Eleanor Hubbard studies the social and cultural history of early modern Britain. She received her Ph.D. from Harvard University in 2009. Her first book, City Women: Money, Sex, and the Social Order in Early Modern London (Oxford University Press, 2012) addresses the lives of ordinary women in the English capital during a period of extraordinary change. Using court testimony and popular literature, she explores how women's lives were shaped by prevailing social anxieties and concerns, in particular powerful - and often contradictory - worries about sexual and economic order. She finds that when the two conflicted, economic concerns generally took priority, creating opportunities that women were quick to exploit. Based on new quantitative evidence as well as case studies of women's migration to the city, courtship, extramarital pregnancy, marriage, household economies, neighborhood politics, work, widowhood and remarriage, and old age, City Women provides a detailed and vivid portrait of the aspirations and struggles of early modern Englishwomen.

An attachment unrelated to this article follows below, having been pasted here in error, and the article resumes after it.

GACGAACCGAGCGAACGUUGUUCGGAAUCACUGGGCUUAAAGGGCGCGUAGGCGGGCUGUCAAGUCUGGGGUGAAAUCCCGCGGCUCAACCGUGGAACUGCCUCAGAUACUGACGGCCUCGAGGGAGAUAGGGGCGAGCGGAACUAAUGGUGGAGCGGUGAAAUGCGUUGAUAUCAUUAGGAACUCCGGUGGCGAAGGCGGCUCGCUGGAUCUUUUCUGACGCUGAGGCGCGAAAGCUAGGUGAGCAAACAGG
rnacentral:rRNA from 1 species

Professor Hubbard is now exploring the lives and experiences of sailors and their communities in 1550-1650 England and beyond. She is using sailors' deposition for the High Court of Admiralty to analyze how sailors dealt with the dangers and temptations posed by piracy and privateering, and how common maritime cultures bound seafarers of warring kingdoms together even as politics and religion drove them apart. She is particularly interested in problems of risk and identity, and the experiences of sailors' wives.
Professor Hubbard teaches a lecture course on England from the Wars of the Roses to the Glorious Revolution, and seminars on the English Revolution and women and gender in early modern England.